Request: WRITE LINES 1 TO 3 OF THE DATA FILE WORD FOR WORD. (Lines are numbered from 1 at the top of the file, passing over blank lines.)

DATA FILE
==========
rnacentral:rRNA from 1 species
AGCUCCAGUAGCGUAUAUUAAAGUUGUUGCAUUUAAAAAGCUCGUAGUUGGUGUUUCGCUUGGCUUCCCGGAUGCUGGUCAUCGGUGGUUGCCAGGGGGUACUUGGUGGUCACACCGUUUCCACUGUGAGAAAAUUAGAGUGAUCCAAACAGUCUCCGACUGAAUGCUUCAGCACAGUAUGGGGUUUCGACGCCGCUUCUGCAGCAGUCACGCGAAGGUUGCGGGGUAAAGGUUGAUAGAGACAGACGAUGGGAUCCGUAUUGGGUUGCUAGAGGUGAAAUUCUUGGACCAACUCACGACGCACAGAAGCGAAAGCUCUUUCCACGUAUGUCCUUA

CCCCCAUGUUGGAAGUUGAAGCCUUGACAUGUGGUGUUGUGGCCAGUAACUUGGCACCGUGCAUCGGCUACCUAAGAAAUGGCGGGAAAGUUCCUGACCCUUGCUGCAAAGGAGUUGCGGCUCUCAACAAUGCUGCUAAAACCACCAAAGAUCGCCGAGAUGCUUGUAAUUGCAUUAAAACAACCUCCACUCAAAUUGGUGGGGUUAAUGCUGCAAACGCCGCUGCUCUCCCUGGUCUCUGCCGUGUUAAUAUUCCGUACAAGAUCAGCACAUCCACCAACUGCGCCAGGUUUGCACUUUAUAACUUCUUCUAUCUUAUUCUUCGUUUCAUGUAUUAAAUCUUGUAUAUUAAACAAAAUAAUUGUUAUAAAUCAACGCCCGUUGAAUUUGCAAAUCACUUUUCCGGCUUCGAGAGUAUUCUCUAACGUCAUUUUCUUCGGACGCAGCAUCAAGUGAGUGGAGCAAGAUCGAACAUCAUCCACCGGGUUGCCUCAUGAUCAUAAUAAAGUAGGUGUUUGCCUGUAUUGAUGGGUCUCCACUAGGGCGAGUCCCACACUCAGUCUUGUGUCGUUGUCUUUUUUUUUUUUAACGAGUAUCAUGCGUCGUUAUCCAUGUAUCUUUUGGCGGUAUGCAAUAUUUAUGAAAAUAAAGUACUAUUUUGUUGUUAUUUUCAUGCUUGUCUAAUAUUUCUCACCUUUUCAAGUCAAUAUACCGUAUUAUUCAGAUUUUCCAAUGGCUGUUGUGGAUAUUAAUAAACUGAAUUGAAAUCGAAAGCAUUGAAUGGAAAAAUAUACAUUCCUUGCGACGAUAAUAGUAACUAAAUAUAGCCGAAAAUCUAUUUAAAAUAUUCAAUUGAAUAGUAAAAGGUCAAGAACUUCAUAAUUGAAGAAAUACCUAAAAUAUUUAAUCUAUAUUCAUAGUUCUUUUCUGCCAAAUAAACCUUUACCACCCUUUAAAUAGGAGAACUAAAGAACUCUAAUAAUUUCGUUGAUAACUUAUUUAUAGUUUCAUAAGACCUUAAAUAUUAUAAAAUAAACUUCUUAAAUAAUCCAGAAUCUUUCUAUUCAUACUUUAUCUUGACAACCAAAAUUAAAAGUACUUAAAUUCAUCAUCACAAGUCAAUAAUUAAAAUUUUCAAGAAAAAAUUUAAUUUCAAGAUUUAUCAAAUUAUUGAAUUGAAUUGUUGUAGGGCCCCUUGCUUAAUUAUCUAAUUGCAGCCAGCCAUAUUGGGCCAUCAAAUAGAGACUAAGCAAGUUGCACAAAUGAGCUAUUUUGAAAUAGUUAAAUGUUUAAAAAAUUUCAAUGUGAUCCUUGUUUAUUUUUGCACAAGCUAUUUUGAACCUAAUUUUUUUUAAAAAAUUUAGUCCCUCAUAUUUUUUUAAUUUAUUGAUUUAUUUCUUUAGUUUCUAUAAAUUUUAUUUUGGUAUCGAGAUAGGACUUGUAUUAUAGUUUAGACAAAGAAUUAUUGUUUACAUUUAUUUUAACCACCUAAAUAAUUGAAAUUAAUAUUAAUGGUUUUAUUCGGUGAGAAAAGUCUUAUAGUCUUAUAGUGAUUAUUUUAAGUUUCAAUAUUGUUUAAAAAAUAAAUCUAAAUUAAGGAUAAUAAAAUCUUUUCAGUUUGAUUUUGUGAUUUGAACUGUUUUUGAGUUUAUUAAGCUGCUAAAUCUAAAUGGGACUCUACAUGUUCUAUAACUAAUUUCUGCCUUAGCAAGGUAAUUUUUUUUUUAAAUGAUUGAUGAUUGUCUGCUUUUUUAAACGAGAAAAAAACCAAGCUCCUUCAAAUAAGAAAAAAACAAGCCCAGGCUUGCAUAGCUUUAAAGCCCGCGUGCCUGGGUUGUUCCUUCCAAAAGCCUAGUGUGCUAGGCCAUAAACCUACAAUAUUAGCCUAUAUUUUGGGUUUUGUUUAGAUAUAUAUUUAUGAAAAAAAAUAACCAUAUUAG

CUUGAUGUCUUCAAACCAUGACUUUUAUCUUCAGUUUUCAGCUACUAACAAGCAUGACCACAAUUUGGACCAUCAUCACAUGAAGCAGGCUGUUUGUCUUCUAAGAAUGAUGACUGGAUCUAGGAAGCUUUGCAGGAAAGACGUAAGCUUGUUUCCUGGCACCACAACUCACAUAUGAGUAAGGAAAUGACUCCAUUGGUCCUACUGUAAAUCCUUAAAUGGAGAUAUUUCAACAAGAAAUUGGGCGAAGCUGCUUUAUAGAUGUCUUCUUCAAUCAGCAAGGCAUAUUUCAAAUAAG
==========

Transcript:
rnacentral:rRNA from 1 species
AGCUCCAGUAGCGUAUAUUAAAGUUGUUGCAUUUAAAAAGCUCGUAGUUGGUGUUUCGCUUGGCUUCCCGGAUGCUGGUCAUCGGUGGUUGCCAGGGGGUACUUGGUGGUCACACCGUUUCCACUGUGAGAAAAUUAGAGUGAUCCAAACAGUCUCCGACUGAAUGCUUCAGCACAGUAUGGGGUUUCGACGCCGCUUCUGCAGCAGUCACGCGAAGGUUGCGGGGUAAAGGUUGAUAGAGACAGACGAUGGGAUCCGUAUUGGGUUGCUAGAGGUGAAAUUCUUGGACCAACUCACGACGCACAGAAGCGAAAGCUCUUUCCACGUAUGUCCUUA

CCCCCAUGUUGGAAGUUGAAGCCUUGACAUGUGGUGUUGUGGCCAGUAACUUGGCACCGUGCAUCGGCUACCUAAGAAAUGGCGGGAAAGUUCCUGACCCUUGCUGCAAAGGAGUUGCGGCUCUCAACAAUGCUGCUAAAACCACCAAAGAUCGCCGAGAUGCUUGUAAUUGCAUUAAAACAACCUCCACUCAAAUUGGUGGGGUUAAUGCUGCAAACGCCGCUGCUCUCCCUGGUCUCUGCCGUGUUAAUAUUCCGUACAAGAUCAGCACAUCCACCAACUGCGCCAGGUUUGCACUUUAUAACUUCUUCUAUCUUAUUCUUCGUUUCAUGUAUUAAAUCUUGUAUAUUAAACAAAAUAAUUGUUAUAAAUCAACGCCCGUUGAAUUUGCAAAUCACUUUUCCGGCUUCGAGAGUAUUCUCUAACGUCAUUUUCUUCGGACGCAGCAUCAAGUGAGUGGAGCAAGAUCGAACAUCAUCCACCGGGUUGCCUCAUGAUCAUAAUAAAGUAGGUGUUUGCCUGUAUUGAUGGGUCUCCACUAGGGCGAGUCCCACACUCAGUCUUGUGUCGUUGUCUUUUUUUUUUUUAACGAGUAUCAUGCGUCGUUAUCCAUGUAUCUUUUGGCGGUAUGCAAUAUUUAUGAAAAUAAAGUACUAUUUUGUUGUUAUUUUCAUGCUUGUCUAAUAUUUCUCACCUUUUCAAGUCAAUAUACCGUAUUAUUCAGAUUUUCCAAUGGCUGUUGUGGAUAUUAAUAAACUGAAUUGAAAUCGAAAGCAUUGAAUGGAAAAAUAUACAUUCCUUGCGACGAUAAUAGUAACUAAAUAUAGCCGAAAAUCUAUUUAAAAUAUUCAAUUGAAUAGUAAAAGGUCAAGAACUUCAUAAUUGAAGAAAUACCUAAAAUAUUUAAUCUAUAUUCAUAGUUCUUUUCUGCCAAAUAAACCUUUACCACCCUUUAAAUAGGAGAACUAAAGAACUCUAAUAAUUUCGUUGAUAACUUAUUUAUAGUUUCAUAAGACCUUAAAUAUUAUAAAAUAAACUUCUUAAAUAAUCCAGAAUCUUUCUAUUCAUACUUUAUCUUGACAACCAAAAUUAAAAGUACUUAAAUUCAUCAUCACAAGUCAAUAAUUAAAAUUUUCAAGAAAAAAUUUAAUUUCAAGAUUUAUCAAAUUAUUGAAUUGAAUUGUUGUAGGGCCCCUUGCUUAAUUAUCUAAUUGCAGCCAGCCAUAUUGGGCCAUCAAAUAGAGACUAAGCAAGUUGCACAAAUGAGCUAUUUUGAAAUAGUUAAAUGUUUAAAAAAUUUCAAUGUGAUCCUUGUUUAUUUUUGCACAAGCUAUUUUGAACCUAAUUUUUUUUAAAAAAUUUAGUCCCUCAUAUUUUUUUAAUUUAUUGAUUUAUUUCUUUAGUUUCUAUAAAUUUUAUUUUGGUAUCGAGAUAGGACUUGUAUUAUAGUUUAGACAAAGAAUUAUUGUUUACAUUUAUUUUAACCACCUAAAUAAUUGAAAUUAAUAUUAAUGGUUUUAUUCGGUGAGAAAAGUCUUAUAGUCUUAUAGUGAUUAUUUUAAGUUUCAAUAUUGUUUAAAAAAUAAAUCUAAAUUAAGGAUAAUAAAAUCUUUUCAGUUUGAUUUUGUGAUUUGAACUGUUUUUGAGUUUAUUAAGCUGCUAAAUCUAAAUGGGACUCUACAUGUUCUAUAACUAAUUUCUGCCUUAGCAAGGUAAUUUUUUUUUUAAAUGAUUGAUGAUUGUCUGCUUUUUUAAACGAGAAAAAAACCAAGCUCCUUCAAAUAAGAAAAAAACAAGCCCAGGCUUGCAUAGCUUUAAAGCCCGCGUGCCUGGGUUGUUCCUUCCAAAAGCCUAGUGUGCUAGGCCAUAAACCUACAAUAUUAGCCUAUAUUUUGGGUUUUGUUUAGAUAUAUAUUUAUGAAAAAAAAUAACCAUAUUAG